By Nigel Tozer
This blog was also published at https://betanews.com
Here are my predictions for what will happen in a world when the General Data Protection Regulation (GDPR) is “live” – out in the wild so to speak. The European Union’s mythical caged dragon of GDPR is set loose to wreak havoc upon mere mortal humans and their humble businesses. Can you see what I’m doing here? A movie magnate was once purported to have said, “I want a movie that starts with an earthquake and then builds up to a climax.” I’m doing that sort of thing.
So what will happen on May 25? The honest answer, I suspect, is not much. A damp squib, by all accounts. Darn. Not much excitement after the earthquake, after all. A bit like when no one was affected at all when the clocks tipped past midnight and the world braced itself for the Y2K global disaster. That was very different, though, and once it was over, it was over. Not so with GDPR. It will rumble on for many years. So what can we expect to see?
- GDPR privacy protestors will bring companies to their knees:
Unfortunately, nothing this exciting will happen, but a few CxOs could find themselves more than a little annoyed. From May 25 and onward we will see direct-action privacy protests take place. Hacking groups will be working to find ways into some companies and will only collect and leak the data when GDPR is live, solely to cause mischief and stimulate fines. The second type of direct action is likely to be coordinated “Data Subject Access” and “Right to be Forgotten” requests in the hope that it will cost the targeted business a lot of time and money. Most likely by disgruntled consumer groups and/or anti-globalisation protestors.
- Thousands of business will be raided at midnight by regulators
I’m determined to inject excitement into this, but sadly there won’t be any mass raids either. Could it happen at all? Yes, the United Kingdom’s regulator swooped* into Cambridge Analytica’s offices in the wake of the Facebook scandal. They even wore fetching FBI-style bomber jackets. So be good.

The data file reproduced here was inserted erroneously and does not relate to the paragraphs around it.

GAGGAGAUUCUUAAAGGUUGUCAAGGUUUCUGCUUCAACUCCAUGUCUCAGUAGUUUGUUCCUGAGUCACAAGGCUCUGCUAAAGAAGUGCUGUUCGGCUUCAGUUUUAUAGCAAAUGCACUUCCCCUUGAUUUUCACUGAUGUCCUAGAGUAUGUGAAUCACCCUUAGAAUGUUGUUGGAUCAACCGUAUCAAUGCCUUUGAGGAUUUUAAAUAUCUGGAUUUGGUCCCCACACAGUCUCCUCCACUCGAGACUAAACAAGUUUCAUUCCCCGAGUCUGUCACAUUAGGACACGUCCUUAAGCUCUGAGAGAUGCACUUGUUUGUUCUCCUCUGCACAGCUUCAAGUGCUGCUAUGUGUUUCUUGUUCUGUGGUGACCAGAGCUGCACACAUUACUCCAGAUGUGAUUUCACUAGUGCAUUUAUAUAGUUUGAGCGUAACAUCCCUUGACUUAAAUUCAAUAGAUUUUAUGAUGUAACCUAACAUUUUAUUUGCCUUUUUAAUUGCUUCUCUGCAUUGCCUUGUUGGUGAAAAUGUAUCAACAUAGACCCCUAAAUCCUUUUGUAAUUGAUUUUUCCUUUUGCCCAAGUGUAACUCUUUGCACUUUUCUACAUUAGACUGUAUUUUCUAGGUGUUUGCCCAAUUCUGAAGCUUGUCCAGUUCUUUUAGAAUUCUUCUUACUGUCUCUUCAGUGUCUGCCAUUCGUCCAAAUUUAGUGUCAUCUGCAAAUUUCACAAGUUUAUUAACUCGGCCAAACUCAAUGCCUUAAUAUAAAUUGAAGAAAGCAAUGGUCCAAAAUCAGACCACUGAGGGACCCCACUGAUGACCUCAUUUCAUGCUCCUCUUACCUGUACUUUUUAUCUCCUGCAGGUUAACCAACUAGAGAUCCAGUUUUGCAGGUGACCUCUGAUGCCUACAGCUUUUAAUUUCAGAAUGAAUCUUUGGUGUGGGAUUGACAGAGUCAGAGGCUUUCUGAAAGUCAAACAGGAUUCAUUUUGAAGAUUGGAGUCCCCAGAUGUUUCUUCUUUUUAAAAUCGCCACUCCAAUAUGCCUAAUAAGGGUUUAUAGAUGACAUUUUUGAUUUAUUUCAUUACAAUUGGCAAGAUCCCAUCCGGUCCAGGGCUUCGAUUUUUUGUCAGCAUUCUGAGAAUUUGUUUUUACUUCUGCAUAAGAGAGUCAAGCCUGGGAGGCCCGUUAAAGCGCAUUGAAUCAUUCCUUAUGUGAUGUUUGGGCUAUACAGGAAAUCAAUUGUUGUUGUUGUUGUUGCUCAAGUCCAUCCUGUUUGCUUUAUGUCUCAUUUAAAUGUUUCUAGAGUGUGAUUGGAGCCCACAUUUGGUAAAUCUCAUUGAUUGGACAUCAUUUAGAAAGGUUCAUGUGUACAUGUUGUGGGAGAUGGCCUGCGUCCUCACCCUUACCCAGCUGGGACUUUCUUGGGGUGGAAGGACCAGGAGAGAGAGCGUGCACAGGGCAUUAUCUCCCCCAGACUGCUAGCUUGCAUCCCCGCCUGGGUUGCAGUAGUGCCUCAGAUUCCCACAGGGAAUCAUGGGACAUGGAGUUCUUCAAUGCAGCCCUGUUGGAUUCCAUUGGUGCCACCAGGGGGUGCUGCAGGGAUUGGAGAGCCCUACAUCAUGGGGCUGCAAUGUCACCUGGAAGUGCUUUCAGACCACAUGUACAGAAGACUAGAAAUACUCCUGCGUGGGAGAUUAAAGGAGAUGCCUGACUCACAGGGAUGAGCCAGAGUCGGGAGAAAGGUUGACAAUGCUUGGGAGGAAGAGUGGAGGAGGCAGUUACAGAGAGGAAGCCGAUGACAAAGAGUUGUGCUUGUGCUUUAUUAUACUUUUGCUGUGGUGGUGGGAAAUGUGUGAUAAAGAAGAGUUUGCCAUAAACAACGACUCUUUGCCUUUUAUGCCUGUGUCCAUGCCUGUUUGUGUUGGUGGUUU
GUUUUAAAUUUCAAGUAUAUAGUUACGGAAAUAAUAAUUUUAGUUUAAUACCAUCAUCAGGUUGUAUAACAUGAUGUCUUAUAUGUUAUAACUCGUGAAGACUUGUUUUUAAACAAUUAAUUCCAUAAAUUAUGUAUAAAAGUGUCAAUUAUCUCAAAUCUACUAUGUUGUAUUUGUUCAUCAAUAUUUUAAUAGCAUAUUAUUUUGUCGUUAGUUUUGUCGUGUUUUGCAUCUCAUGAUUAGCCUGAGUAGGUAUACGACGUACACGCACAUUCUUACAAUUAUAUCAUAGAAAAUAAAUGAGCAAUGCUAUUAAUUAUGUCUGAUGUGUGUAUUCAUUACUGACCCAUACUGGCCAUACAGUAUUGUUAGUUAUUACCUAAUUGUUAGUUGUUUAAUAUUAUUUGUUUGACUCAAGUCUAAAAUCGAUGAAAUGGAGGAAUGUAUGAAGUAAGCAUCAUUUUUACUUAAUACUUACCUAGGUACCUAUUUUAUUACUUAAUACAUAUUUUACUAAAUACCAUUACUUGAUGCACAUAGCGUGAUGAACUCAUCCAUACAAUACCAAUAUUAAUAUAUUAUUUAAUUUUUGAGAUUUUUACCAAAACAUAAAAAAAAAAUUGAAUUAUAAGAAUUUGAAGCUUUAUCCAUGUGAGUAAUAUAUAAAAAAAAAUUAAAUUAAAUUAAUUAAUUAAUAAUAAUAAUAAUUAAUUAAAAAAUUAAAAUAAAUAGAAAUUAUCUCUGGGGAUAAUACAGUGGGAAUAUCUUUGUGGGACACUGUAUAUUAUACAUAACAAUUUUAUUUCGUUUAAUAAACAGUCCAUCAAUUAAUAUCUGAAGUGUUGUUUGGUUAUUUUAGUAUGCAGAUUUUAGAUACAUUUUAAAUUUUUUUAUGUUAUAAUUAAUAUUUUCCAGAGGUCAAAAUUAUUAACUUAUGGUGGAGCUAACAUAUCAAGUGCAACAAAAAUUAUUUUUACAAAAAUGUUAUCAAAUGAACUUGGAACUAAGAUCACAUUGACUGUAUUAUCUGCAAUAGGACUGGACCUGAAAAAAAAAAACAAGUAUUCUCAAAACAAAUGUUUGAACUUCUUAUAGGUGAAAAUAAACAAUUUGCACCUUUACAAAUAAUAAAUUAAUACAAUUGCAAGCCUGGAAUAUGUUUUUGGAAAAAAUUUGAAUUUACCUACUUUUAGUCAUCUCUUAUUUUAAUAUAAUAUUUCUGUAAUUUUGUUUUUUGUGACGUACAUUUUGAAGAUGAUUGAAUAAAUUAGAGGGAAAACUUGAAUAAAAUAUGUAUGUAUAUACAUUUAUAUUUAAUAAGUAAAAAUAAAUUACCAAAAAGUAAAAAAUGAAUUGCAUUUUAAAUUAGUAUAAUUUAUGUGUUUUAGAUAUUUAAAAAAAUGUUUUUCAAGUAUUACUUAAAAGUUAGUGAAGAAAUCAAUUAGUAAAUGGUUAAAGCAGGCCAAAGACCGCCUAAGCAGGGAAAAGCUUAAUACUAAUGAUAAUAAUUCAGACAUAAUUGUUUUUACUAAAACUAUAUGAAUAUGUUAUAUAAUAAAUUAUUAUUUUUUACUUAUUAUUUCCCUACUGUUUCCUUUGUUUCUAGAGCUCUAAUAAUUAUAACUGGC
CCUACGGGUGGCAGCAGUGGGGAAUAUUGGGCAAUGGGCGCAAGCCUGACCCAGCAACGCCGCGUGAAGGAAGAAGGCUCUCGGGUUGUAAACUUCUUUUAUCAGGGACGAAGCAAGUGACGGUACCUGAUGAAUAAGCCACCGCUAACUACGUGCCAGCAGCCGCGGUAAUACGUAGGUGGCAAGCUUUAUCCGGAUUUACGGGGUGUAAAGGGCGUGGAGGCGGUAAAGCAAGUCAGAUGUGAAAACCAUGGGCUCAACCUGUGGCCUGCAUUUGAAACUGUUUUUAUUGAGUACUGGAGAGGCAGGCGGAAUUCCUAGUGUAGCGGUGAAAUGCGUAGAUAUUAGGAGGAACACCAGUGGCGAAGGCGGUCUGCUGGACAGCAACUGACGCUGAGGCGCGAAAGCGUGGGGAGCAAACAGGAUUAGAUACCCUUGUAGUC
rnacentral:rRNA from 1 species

- Courtroom dramas will unfold on TV while millions watch
You guessed it: None of this will happen, either. Don’t get me wrong, there will be reputation-damaging incidents and plenty of European court activity. But it’s going to be incredibility boring and move slower than a tired glacier. The courts will help tighten the definitions of GDPR, so the outcomes will at least drive company policies over time. You can expect that GDPR will evolve over many years, with more than a few significant changes.
- We will see the first eye-watering fines in 2018
Nope, not in 2018. There will undoubtedly be some big data breaches, which I’m sure the regulators will get involved in. Unless it’s the result of a heinous disregard for data security and also involves serious misuse of personal information, big ticket fines will most likely stay in their wrappers and you’ll see a more graded approach by regulators.
- No drama here: GDPR will change the world
Or maybe GDPR is evidence that the world has changed? Whichever way around you see it, I believe GDPR has and will continue to have a global impact, with many camps now pushing for a federal privacy law in the U.S. Unfortunately, there will still be companies trying to get away with privacy statements full of “weasel words” – and as long as War and Peace – but I’m hopeful that many more businesses will embrace the spirit of the GDPR. At Commvault, we’ve already seen our customers benefit from preparing for GDPR with IT cost savings, smarter use of data and boosts to employee productivity.
Ultimately, though, things will have changed on May 25: Europeans will have regained some power from big, powerful corporations and global tech monopolies; and business will finally have a reason to understand the data it holds and to rethink what it does with that data. So the real story about what happens after GDPR is in play comes down to you and me, in both how we react to it as a business, and how we use our new powers as an individual.
Find out how Commvault can help you better understand and manage data with regard to GDPR in your organisation.
*If you can describe something that took a week as “swooped.”